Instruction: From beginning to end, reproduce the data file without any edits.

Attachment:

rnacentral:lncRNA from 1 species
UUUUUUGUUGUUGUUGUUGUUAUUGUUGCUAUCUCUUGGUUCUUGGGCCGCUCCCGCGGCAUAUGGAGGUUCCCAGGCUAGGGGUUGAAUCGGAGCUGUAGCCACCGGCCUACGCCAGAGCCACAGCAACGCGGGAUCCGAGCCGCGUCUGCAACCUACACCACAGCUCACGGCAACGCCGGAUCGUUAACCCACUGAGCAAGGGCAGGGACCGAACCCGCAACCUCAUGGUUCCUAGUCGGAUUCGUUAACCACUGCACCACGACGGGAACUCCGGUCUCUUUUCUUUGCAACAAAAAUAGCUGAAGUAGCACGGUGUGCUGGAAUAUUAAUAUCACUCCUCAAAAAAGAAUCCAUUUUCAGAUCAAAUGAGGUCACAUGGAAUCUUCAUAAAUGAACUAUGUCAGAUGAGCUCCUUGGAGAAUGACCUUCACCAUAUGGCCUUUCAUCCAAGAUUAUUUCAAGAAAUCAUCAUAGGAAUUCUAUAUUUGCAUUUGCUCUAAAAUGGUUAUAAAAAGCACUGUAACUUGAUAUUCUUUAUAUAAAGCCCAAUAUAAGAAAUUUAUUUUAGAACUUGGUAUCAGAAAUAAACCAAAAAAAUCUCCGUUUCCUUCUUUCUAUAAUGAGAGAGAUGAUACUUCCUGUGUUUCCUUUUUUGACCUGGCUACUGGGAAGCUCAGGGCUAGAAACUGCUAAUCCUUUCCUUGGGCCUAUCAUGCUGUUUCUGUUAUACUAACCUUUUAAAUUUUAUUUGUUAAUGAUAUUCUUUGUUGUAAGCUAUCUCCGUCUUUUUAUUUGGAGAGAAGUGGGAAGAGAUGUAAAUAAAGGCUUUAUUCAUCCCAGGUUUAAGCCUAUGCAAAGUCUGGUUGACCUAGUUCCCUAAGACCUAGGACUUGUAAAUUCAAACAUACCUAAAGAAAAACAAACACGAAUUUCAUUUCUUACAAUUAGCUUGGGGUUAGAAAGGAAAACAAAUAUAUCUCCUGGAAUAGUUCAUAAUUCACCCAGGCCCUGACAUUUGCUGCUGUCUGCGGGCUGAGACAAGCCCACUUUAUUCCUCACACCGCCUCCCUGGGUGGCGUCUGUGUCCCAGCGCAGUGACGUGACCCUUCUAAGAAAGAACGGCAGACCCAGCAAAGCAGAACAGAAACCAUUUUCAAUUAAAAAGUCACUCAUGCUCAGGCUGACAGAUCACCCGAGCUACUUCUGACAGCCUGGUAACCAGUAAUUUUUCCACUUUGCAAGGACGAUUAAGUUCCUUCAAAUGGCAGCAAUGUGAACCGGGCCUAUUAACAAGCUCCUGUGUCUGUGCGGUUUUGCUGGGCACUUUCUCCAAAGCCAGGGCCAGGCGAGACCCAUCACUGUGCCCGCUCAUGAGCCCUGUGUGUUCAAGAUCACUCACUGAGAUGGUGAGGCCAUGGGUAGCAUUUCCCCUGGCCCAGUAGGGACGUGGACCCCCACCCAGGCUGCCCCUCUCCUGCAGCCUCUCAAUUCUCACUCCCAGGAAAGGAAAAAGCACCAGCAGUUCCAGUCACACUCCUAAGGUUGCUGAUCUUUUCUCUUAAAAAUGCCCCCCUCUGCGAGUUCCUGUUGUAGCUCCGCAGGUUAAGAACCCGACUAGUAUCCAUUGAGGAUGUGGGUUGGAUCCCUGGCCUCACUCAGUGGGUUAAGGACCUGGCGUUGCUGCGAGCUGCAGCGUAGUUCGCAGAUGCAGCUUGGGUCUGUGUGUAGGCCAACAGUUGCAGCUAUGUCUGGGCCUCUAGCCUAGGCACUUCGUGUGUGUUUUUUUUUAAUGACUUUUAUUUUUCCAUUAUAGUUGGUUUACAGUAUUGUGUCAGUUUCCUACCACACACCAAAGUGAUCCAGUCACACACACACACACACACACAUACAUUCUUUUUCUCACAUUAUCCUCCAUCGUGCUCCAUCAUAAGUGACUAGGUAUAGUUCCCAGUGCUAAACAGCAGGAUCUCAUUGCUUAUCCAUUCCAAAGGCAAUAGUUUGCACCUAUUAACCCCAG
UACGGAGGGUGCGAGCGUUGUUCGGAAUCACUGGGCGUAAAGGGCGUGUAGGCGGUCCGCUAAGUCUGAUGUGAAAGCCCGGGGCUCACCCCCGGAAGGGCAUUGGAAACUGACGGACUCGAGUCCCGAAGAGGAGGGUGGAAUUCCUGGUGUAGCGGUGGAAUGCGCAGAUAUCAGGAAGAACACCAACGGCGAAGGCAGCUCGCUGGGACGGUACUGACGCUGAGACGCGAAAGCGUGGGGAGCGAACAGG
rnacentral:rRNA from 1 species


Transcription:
rnacentral:lncRNA from 1 species
UUUUUUGUUGUUGUUGUUGUUAUUGUUGCUAUCUCUUGGUUCUUGGGCCGCUCCCGCGGCAUAUGGAGGUUCCCAGGCUAGGGGUUGAAUCGGAGCUGUAGCCACCGGCCUACGCCAGAGCCACAGCAACGCGGGAUCCGAGCCGCGUCUGCAACCUACACCACAGCUCACGGCAACGCCGGAUCGUUAACCCACUGAGCAAGGGCAGGGACCGAACCCGCAACCUCAUGGUUCCUAGUCGGAUUCGUUAACCACUGCACCACGACGGGAACUCCGGUCUCUUUUCUUUGCAACAAAAAUAGCUGAAGUAGCACGGUGUGCUGGAAUAUUAAUAUCACUCCUCAAAAAAGAAUCCAUUUUCAGAUCAAAUGAGGUCACAUGGAAUCUUCAUAAAUGAACUAUGUCAGAUGAGCUCCUUGGAGAAUGACCUUCACCAUAUGGCCUUUCAUCCAAGAUUAUUUCAAGAAAUCAUCAUAGGAAUUCUAUAUUUGCAUUUGCUCUAAAAUGGUUAUAAAAAGCACUGUAACUUGAUAUUCUUUAUAUAAAGCCCAAUAUAAGAAAUUUAUUUUAGAACUUGGUAUCAGAAAUAAACCAAAAAAAUCUCCGUUUCCUUCUUUCUAUAAUGAGAGAGAUGAUACUUCCUGUGUUUCCUUUUUUGACCUGGCUACUGGGAAGCUCAGGGCUAGAAACUGCUAAUCCUUUCCUUGGGCCUAUCAUGCUGUUUCUGUUAUACUAACCUUUUAAAUUUUAUUUGUUAAUGAUAUUCUUUGUUGUAAGCUAUCUCCGUCUUUUUAUUUGGAGAGAAGUGGGAAGAGAUGUAAAUAAAGGCUUUAUUCAUCCCAGGUUUAAGCCUAUGCAAAGUCUGGUUGACCUAGUUCCCUAAGACCUAGGACUUGUAAAUUCAAACAUACCUAAAGAAAAACAAACACGAAUUUCAUUUCUUACAAUUAGCUUGGGGUUAGAAAGGAAAACAAAUAUAUCUCCUGGAAUAGUUCAUAAUUCACCCAGGCCCUGACAUUUGCUGCUGUCUGCGGGCUGAGACAAGCCCACUUUAUUCCUCACACCGCCUCCCUGGGUGGCGUCUGUGUCCCAGCGCAGUGACGUGACCCUUCUAAGAAAGAACGGCAGACCCAGCAAAGCAGAACAGAAACCAUUUUCAAUUAAAAAGUCACUCAUGCUCAGGCUGACAGAUCACCCGAGCUACUUCUGACAGCCUGGUAACCAGUAAUUUUUCCACUUUGCAAGGACGAUUAAGUUCCUUCAAAUGGCAGCAAUGUGAACCGGGCCUAUUAACAAGCUCCUGUGUCUGUGCGGUUUUGCUGGGCACUUUCUCCAAAGCCAGGGCCAGGCGAGACCCAUCACUGUGCCCGCUCAUGAGCCCUGUGUGUUCAAGAUCACUCACUGAGAUGGUGAGGCCAUGGGUAGCAUUUCCCCUGGCCCAGUAGGGACGUGGACCCCCACCCAGGCUGCCCCUCUCCUGCAGCCUCUCAAUUCUCACUCCCAGGAAAGGAAAAAGCACCAGCAGUUCCAGUCACACUCCUAAGGUUGCUGAUCUUUUCUCUUAAAAAUGCCCCCCUCUGCGAGUUCCUGUUGUAGCUCCGCAGGUUAAGAACCCGACUAGUAUCCAUUGAGGAUGUGGGUUGGAUCCCUGGCCUCACUCAGUGGGUUAAGGACCUGGCGUUGCUGCGAGCUGCAGCGUAGUUCGCAGAUGCAGCUUGGGUCUGUGUGUAGGCCAACAGUUGCAGCUAUGUCUGGGCCUCUAGCCUAGGCACUUCGUGUGUGUUUUUUUUUAAUGACUUUUAUUUUUCCAUUAUAGUUGGUUUACAGUAUUGUGUCAGUUUCCUACCACACACCAAAGUGAUCCAGUCACACACACACACACACACACAUACAUUCUUUUUCUCACAUUAUCCUCCAUCGUGCUCCAUCAUAAGUGACUAGGUAUAGUUCCCAGUGCUAAACAGCAGGAUCUCAUUGCUUAUCCAUUCCAAAGGCAAUAGUUUGCACCUAUUAACCCCAG
UACGGAGGGUGCGAGCGUUGUUCGGAAUCACUGGGCGUAAAGGGCGUGUAGGCGGUCCGCUAAGUCUGAUGUGAAAGCCCGGGGCUCACCCCCGGAAGGGCAUUGGAAACUGACGGACUCGAGUCCCGAAGAGGAGGGUGGAAUUCCUGGUGUAGCGGUGGAAUGCGCAGAUAUCAGGAAGAACACCAACGGCGAAGGCAGCUCGCUGGGACGGUACUGACGCUGAGACGCGAAAGCGUGGGGAGCGAACAGG
rnacentral:rRNA from 1 species